Robert Johnson, Cuyahoga Community College
In today’s society, we are faced with many challenges concerning life experiences, including natural disasters such as Hurricane Katrina, acts of terrorism such as the September 11th attacks, and life altering health issues such as HIV/AIDS. As human beings, we all possess a variety of adaptive and recuperative abilities. It appears, however, that some people fare better than others when faced with life stressors, disasters and loss. Resilience has been identified as a fundamental explanation for this difference.
The American Psychological Association (APA) Help Center stated that “Resilience is the process of adapting well in the face of adversity, trauma, tragedy, threats, or even significant sources of stress – such as family and relationship problems, serious health problems, or workplace and financial stressors” (2004). The APA Help Center (2004) noted that some ways to build resilience include:
- Make connections. Advisors can help students use support systems – including family, friends and social organizations – to talk about feelings and life’s situations; it can be constructive.
- Avoid seeing crises as insurmountable problems. Advisors should help students appreciate that bad things happen to everyone. It is how we respond to life’s downturns that can make all the difference.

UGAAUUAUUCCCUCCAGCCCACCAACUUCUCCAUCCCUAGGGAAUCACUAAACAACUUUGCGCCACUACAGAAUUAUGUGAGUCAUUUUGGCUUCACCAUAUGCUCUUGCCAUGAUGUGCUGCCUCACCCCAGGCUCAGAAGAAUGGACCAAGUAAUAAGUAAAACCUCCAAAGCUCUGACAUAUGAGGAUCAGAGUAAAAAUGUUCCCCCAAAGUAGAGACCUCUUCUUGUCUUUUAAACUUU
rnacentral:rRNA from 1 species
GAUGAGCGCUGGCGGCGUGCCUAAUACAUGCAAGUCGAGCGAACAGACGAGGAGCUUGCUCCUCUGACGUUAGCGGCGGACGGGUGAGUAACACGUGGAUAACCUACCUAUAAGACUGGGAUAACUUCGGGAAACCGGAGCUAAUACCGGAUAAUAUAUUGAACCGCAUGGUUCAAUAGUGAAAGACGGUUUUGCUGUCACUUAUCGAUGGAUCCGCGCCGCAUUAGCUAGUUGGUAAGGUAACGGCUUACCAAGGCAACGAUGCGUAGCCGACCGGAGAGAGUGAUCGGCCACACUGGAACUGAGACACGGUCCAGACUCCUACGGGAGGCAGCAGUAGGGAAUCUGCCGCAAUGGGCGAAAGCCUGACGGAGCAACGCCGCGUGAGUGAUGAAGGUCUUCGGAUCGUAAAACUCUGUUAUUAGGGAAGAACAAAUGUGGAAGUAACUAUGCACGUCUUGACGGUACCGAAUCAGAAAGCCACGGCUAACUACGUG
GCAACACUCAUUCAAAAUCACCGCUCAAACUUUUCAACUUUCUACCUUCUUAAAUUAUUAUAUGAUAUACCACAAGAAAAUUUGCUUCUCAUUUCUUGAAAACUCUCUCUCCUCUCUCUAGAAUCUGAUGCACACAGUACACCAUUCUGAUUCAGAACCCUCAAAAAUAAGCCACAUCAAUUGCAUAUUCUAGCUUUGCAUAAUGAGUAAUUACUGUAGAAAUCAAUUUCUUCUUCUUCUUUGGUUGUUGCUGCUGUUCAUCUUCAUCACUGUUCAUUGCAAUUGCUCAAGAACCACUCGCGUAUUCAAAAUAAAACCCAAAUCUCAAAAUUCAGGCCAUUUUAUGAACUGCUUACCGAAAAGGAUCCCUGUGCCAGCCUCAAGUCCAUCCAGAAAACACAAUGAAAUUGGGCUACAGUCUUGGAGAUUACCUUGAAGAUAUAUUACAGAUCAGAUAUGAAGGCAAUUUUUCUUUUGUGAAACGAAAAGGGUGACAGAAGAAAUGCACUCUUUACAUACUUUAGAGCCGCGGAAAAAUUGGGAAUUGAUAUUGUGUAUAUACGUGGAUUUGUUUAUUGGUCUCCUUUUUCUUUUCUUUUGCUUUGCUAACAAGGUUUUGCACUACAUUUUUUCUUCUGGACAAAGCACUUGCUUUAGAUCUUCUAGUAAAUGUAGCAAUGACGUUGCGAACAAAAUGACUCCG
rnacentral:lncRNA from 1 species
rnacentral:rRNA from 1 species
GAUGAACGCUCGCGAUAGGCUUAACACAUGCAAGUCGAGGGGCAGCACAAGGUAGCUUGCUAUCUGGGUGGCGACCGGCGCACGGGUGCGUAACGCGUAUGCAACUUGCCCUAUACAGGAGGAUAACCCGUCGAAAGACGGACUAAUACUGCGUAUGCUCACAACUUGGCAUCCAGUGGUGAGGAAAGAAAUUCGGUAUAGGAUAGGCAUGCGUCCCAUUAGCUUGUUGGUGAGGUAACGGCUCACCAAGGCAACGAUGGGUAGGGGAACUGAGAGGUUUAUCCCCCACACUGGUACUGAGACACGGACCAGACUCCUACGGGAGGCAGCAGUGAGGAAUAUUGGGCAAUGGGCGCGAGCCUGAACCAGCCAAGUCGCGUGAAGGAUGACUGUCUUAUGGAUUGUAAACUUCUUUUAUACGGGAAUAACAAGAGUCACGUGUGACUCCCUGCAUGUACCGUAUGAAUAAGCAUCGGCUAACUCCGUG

- Accept that change is a part of living. Due to adversity, students may have to alter goals with the understanding that circumstances have changed. The ability to acknowledge that circumstances have changed allows an opportunity to choose new directions.
- Move towards goals. Students should create goals that can be achieved, but with small incremental steps or stages. Advisors should recognize achievements even when they are not substantial.
- Take decisive actions. Help students recognize that as difficulties occur it is best to deal with them instead of ignoring them or hoping the issues will go away.
- Look for opportunities for self-discovery. Many find that adversity presents opportunity for introspection and personal growth. Help students embrace their opportunities.
- Nurture a positive viewpoint. Help students work on believing that they have the ability to work out the issues life presents.
- Keep things in perspective. When something negative happens, help students keep the particular problem within perspective.
- Maintain a hopeful outlook. Be optimistic; it helps encourage the belief that good things will happen.
- Work on self-care. When we are in good health we are better prepared to address and cope with life changes. Advisors and students alike should work on self-care.
Rossi, Bisconti and Bergeman (2007) cited the results of a study about dispositional resilience and described three qualities that a person may exhibit when demonstrating dispositional resilience:
- Commitment– Involvement with people, rather than isolation or alienation.
- Control– Influence over outcomes, rather than powerlessness.
- Challenge– Learning from experience, rather than avoiding threat.
Moody and Arcangel (2001) point out that stress is a normal part of the human existence. Moody and Arcangel (2001) indicate that stress is innate and an involuntary response as the body reacts to change. Stress in itself is not harmful as it functions as a mechanism to alert the body to prepare for action or adjustment; each individual’s biological and psychological responses to stress are unique (Moody & Arcangel, 2001).